The word cereal is derived from ceres, the Roman Goddess of grain. The common cereal crops are rice, wheat, corn, oats and rye. The term cereal is not limited to these but also flours, meals, breads and alimentary pastes or pasta. Cereal science is a study concerned with all technical aspects of cereal. It is the study the nature of the cereals and the changes that occurs naturally and as a result of handling and processing.

Monday, April 02, 2018

Grain stored pests: Parasitoids

Alternatives to traditional chemical insecticides such as predators, parasitoids, microbes and natural products have been gaining interest among researchers concerned with developing integrated pest management (IPM) approaches for insect control.

Parasitoids are small to tiny animals that search for hosts that are themselves small or tiny animals in a very complex environment. Insect parasitoids have been shown to be effective in suppressing a limited number of pest species both in bulk grain storages and in food-processing facilities and warehouses.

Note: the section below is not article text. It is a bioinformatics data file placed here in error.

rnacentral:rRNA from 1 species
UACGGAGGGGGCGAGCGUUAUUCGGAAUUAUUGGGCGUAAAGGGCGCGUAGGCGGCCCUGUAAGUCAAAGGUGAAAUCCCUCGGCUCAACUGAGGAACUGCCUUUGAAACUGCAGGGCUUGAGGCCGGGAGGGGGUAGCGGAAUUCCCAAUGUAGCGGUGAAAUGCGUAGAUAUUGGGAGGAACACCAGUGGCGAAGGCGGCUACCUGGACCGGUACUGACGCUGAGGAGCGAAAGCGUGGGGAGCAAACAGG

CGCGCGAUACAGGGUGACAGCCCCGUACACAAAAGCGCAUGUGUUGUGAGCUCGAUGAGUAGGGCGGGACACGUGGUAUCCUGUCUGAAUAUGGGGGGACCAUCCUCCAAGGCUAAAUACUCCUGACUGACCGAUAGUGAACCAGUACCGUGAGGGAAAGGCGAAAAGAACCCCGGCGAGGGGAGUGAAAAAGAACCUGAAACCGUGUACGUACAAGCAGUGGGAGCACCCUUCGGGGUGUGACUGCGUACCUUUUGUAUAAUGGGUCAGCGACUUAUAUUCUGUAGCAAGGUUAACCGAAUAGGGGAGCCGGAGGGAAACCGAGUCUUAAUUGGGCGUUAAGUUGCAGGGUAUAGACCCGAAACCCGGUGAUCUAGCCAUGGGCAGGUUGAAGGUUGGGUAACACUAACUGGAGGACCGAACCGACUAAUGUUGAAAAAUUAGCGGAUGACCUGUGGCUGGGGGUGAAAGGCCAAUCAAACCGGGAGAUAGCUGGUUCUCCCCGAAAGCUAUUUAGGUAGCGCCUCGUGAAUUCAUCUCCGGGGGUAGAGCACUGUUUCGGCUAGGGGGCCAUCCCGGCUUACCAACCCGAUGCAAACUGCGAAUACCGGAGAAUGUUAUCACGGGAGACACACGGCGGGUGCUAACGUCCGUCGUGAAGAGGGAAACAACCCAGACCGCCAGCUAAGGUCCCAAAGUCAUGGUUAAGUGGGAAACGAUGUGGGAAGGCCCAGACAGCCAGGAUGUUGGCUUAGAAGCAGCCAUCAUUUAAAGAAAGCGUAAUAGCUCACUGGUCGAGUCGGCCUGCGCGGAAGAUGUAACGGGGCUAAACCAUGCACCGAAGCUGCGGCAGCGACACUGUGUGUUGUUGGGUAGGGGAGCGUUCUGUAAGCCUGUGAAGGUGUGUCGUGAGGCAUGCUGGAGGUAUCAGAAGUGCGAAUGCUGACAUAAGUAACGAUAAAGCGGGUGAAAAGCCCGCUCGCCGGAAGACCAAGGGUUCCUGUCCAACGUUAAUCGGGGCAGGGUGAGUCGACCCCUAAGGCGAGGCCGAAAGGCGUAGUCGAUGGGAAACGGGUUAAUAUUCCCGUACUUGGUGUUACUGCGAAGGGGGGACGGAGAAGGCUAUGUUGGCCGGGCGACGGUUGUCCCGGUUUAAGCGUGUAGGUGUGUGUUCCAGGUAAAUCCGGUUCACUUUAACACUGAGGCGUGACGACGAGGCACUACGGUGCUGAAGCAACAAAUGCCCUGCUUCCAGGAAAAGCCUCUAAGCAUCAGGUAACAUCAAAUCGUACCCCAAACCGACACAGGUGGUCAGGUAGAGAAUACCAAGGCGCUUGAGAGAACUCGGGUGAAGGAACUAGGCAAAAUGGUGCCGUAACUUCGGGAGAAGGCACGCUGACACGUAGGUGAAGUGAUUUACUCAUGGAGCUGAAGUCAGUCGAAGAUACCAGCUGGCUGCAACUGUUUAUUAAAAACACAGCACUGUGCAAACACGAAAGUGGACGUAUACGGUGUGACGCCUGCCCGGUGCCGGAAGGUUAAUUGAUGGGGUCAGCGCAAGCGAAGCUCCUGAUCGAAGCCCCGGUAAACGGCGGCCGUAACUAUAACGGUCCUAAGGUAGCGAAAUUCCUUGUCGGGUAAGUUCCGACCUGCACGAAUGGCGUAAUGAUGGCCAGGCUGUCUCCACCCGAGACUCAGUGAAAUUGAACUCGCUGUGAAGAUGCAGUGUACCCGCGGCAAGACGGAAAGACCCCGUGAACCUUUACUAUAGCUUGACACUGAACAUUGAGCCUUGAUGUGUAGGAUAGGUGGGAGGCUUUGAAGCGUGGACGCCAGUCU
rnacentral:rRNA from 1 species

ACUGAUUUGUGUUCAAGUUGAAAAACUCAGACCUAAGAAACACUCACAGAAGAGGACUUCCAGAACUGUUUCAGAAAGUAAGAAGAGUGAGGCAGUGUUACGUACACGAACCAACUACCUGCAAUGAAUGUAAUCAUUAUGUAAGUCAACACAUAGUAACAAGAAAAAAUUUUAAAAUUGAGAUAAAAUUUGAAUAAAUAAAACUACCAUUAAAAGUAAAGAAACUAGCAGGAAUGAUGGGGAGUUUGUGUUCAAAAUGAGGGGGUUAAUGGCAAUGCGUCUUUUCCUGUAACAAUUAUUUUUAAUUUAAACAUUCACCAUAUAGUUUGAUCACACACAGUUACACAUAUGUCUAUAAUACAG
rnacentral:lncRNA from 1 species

One of the more effective parasitoids is Theocolax elegans, a small pteromalid wasp (1–2 mm) that attacks primary grain pests, whose immature stages develop inside the grain kernels, including the weevils, Sitophilus spp., lesser grain borer, Rhyzopertha dominica (F.), drugstore beetle, Stegobium paniceum (L.), cowpea weevil, Callosobruchus spp., and Angoumois grain moth, Sitotroga cerealella.

The use of insect parasitoids and predators to control stored product insect pests has many advantages over traditional chemical controls. These natural enemies leave no harmful chemical residues.

When released in a storage facility, they continue to reproduce as long as hosts are available and environmental conditions are suitable. Unlike chemicals that need to be applied to a wide area, natural enemies can be released at a single location. They will actively spread, find, and attack pests located deep inside crevices or within a grain mass.
Grain stored pests: Parasitoids
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